Oddly, from the park's opening in 1962 to 1970, there were 5 no-hitters pitched there, 3 by Koufax, and all by home pitchers (including Angel Bo Belinsky in '62 and Dodger Bill Singer in '70); from 1971 to 1989, none at all, in spite of all the good Dodger pitching, from 1990 to 1995, 5 more, 3 by Dodgers (Fernando, Kevin Gross and Ramon Martinez) and 2 by opponents (Dennis Martinez and Kent Mercker).
 In spite of its pitcher's park status, 4 home runs have been hit completely out of the stadium. Willie Stargell of the Pittsburgh Pirates did it twice, in 1969 and 1973, the first of these measured at 507 feet, still the park's longest. Mike Piazza hit one all the way out in 1997, and Mark McGwire roided one out in 1999.

Because of its proximity to Hollywood, Dodger Stadium can be seen in lots of movies, including Superman Returns, where the Big Red S safely deposits a distressed airliner on the field. But while it filled in for Anaheim Stadium in The Naked Gun (Reggie... must kill... the Queen), Rookie of the Year had a scene set at Dodger Stadium, but because they were filming all in Chicago, they used the White Sox' U.S. Cellular Field as a stand-in for Dodger Stadium.

It hosted an NHL Stadium Series game earlier this year, a local rivalry game, with the Anaheim Ducks beating the Los Angeles Kings 3-0.

Food.  The Dodgers' hot dogs, the Dodger Dog, is renowned as one of the best in baseball. Last season, they introduced the Brooklyn Dodger Dog. After what O'Malley did to Brooklyn, the natives old enough to remember could say, "Youse got some noive, pal!" (You are showing a considerabout amount of nerve, sir.) This variation has lots of garlic and spices, so an Italian Brooklynite (or otherwise New Yorker, or New Jerseyan) could appreciate it.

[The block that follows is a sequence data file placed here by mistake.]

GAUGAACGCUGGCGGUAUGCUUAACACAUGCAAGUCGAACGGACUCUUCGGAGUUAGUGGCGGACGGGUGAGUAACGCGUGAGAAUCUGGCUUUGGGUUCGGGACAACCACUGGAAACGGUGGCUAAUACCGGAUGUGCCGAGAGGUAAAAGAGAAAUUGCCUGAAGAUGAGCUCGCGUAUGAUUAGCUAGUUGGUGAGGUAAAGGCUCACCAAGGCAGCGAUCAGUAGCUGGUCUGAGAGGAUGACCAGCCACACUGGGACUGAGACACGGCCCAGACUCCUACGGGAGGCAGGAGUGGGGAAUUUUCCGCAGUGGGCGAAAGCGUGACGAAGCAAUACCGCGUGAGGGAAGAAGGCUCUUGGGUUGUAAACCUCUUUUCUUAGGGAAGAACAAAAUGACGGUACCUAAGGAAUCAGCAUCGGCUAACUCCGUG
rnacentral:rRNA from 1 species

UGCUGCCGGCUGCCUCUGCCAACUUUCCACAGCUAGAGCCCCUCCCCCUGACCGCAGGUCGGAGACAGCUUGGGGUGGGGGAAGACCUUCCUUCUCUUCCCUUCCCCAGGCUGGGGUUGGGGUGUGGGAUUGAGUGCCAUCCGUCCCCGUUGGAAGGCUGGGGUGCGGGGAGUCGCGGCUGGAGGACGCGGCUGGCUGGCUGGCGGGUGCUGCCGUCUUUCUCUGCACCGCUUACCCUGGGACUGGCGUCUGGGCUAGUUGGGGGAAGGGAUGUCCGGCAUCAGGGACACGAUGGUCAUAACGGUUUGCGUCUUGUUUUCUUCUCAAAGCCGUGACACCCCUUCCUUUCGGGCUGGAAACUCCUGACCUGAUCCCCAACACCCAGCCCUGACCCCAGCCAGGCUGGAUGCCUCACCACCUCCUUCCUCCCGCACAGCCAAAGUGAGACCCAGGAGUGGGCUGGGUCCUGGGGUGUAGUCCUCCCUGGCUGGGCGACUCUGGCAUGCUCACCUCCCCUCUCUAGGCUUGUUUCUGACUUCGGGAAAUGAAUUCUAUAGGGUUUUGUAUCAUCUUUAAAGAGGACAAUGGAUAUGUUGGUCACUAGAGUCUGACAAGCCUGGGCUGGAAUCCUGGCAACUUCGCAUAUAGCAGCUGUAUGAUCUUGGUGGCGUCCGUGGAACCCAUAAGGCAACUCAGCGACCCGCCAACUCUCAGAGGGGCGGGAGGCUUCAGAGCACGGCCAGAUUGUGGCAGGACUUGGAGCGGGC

Keeping with the "Dodger Blue" motif, they also have the Big Blue Burger. Despite the name, there isn't bleu cheese on it. Rather, it has tomatoes, caramelized onions (so far, so good), chipotle aioli and pasilla chili peppers (you had me and then you lost me). They serve classic grilled cheese, and "Street Style Carne Asada Tacos" (presumably in the style of L.A. taco trucks).

As for team-themed stands: Campy's Corner (named after Roy Campanella) is behind Section 4, Think Blue at 5, Brooklyn Dodger Pizza (because you can't get a decent pizza in L.A., "California Pizza Kitchen" be damned) at 8 and 130, and Dodgertown Deli (named for their longtime spring training home in Vero Beach) at 47.

Fast-food chain Carl's Jr. is at 10 and 140. And while their arch-rivals, the Giants, were the first to sell them at a ballpark, the Dodgers have stands seling garlic fries. As you might imagine in California, they have Veggie Dogs at Sections 22, 23 and 108, and Healthy Cart at 30.